“I can no longer remember how long I have wandered the dark seas of space,” Emeraldas monologues to the emptiness of space, or the ship named for her, the Queen Emeraldas, and she is not exaggerating or being absurd. There is, in essence, always a recurring Emeraldas, a Harlock, a Maetel, sometimes by birth, sometimes by guise, sometimes as only inspirational fiction.
Maetel is always a woman in a fur wrap with a black fur hat, a travel bag, ready to be companion to a soul in need of transportation and company. Except when she is not.
Harlock is a spirit of anarchic responsibility, a man’s man, a world-sized soul who sees what is consistently taken from his family, humanity. Except when he is a man-child, a soldier, a pilot, a prisoner, a hermit, or a child becoming the new Harlock. Some Harlocks are born Harlocks, some adopted in, and some adopt it for themselves.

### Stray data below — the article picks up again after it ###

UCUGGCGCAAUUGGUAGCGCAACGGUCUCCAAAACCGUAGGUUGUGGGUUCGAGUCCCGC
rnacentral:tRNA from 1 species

Rather than diluting these characters with alternative takes and contradictory narratives, a genuinely mythic radiance is forged within the similarities between versions and in the discordancies. By accepting the discordancy of different artists, actors, directors having their own personal version, as well as comics in different eras or cartoons made decades apart having their own sensibilities and agendas, the characters are expanded and concretized into something closer to people than characters for whom these kind of discontinuities would only remind audiences of their artificiality. Their real life semblance is already artificial. The resonance is real.